Wednesday, October 19, 2016

Recycling Old Carpeting and Rugs

Too much ‘stuff’ makes me crazy.  I have lots of clothes, so when I buy new clothes or shoes, I try to purge the same number of items so my already large wardrobe doesn’t endlessly continue to grow.  Whenever Gray gets new toys, we see what he can ‘live without’.  Earlier this year, we decided to replace our like-new leather living room furniture with something more comfortable, and before we even purchased our new sectional, we’d already sold our current furniture, leaving the room empty for well over a month.

That’s how I like to roll – not letting our house explode at the seams.  But now we are talking about replacing some carpeting and a rug.  Before I could even think about what I want, I had to resolve an issue that would eat at me until I had an answer to this question: What will we do with the old stuff?

There is a group called Carpet America Recovery Effort that has an online tool with a map of recyclers that will take old carpeting.  Before just showing up with your old carpet, call first to see if there is a cost associated with recycling your carpet.  If you have a small amount or just a few scraps, you could put them to good use with these ideas:
  • Turn them into furniture movers.  Cut old carpet in small squares and place a square under dresser, bed, or chair legs and then pull the item across the floor instead of having to lift and carry.
  • Save your knees.  Roll up a piece and use it to kneel or sit on when gardening or doing yard work.
  • Create a comfy place for Fido by turning it into a bed for your dog.
  • Use it to clean the gunk, dust, and dirt in your window screens by dipping a piece into warm, sudsy water, and rub the pile side onto the screens.
  • Place scraps of carpet under the feet of laundry machines to reduce noise.
  • Use small pieces inside a dollhouse or even a playhouse or treehouse.
But before you decide to cut up your old rug, check into having it cleaned first to see if you can bring it back to life.  Our 6-step professional rug cleaning process helps extend the life of your rug by removing dirt that will scratch the rug’s fibers and leave your rug looking dull and lifeless.  To see if your rug can be saved, drop it by one of our locations or call Greg Henderson at 336-804-0045.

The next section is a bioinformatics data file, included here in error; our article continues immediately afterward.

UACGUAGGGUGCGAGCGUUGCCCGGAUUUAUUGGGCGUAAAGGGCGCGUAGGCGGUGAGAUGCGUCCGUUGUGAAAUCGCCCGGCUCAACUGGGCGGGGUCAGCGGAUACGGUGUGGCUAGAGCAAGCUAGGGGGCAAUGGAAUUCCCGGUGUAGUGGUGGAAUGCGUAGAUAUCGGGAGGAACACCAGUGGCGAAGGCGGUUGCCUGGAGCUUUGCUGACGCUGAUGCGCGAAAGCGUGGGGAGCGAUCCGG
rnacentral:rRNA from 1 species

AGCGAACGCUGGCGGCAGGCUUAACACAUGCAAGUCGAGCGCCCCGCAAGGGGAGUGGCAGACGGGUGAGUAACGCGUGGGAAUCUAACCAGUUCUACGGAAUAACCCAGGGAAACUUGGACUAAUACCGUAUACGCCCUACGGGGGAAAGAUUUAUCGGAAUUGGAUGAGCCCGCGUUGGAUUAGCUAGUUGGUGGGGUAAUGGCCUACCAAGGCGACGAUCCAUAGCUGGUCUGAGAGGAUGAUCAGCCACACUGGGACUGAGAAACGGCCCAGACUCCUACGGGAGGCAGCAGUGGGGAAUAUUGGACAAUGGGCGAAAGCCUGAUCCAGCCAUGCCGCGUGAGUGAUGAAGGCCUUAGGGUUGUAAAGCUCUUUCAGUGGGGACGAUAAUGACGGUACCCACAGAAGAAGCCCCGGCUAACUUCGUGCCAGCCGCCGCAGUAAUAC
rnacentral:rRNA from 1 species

Wednesday, October 12, 2016

Avoiding Wedding Day Mistakes

Who remembers that movie with Jennifer Lopez called “The Wedding Planner”?  My favorite scene in the movie is when she opens her suit jacket to reveal this kit full of supplies – needles, thread, duct tape, breath freshener.  It’s sort of a cheesy movie, but I’ll admit loving it solely because of her ‘wedding preparedness kit’.  But the truth is, as much advanced planning as goes into a wedding, things will inevitably go wrong.

Just thinking back over the years, between my own wedding mistakes and others that I’ve had to experience, I’ve put together a little list of things to remember, four on the actual day, and one after. 
  1. Skip the horse and carriage.  One of my dearest friends had a horse and carriage drive her and her new husband from the church, through town, to the reception.  The wedding party followed along behind on a ‘hayride’.  It took so long to get to the reception that many folks left.  If your reception is at a different location, allow for drive time and photos, and offer your guests something to snack on while they wait.
  2. Invest in a professional photographer.  That’s something we didn’t do, and it is my one big wedding regret.  We had a small but lovely ceremony and Matt’s uncle and cousin took photos.  In retrospect, it seems unfair to have asked them to spend the day behind the camera, plus they weren’t exactly trained photographers.
  3. Make sure you can be seen.  My college roommate was incredibly shy, and when she got married, if she wasn’t holding her bouquet too high, she was sinking back into her veil.  If you choose to carry a large bouquet, make sure you are carrying it low enough so that when you look back at your photos, you can actually see your dress.  Same holds true for the veil.  Make sure it frames your face instead of hiding it. 
  4. On the big day, follow Mary Fiore’s (aka Jennifer Lopez) example and have a small emergency kit with a needle, thread, safety pins, scissors, hem tape, lint roller, stain stick, static guard, and baby powder nearby.  These items will help with most garment-related wedding day emergencies.  I can speak from personal experience.
  5. Don’t leave your gown hanging unclean in your closet, in a plastic poly bag, for 11 years.  Have your gown cleaned as soon as possible after your wedding.  The longer you wait to have it cleaned, the less likely it is that all the stains can be removed.  I’m fortunate that I didn’t ruin my gown by this careless move.
While many of these tips we can’t help you with, we can help you with the last two.  First, we can perform alterations and prepare your gown before your big day so that, hopefully, you won’t need to use your emergency kit.  Second, cleaning and preserving wedding gowns is one of our specialties.  To learn more, check out this article on Wedding Gown Cleaning and Preservation or stop by one of our locations to speak to a manager. 
copyright 2015 A cleaner World
Responsive Web Design by BEM
Call Us: 336-841-4188
Dry Cleaning: 336.841.8848
Other Services: 336.992.0070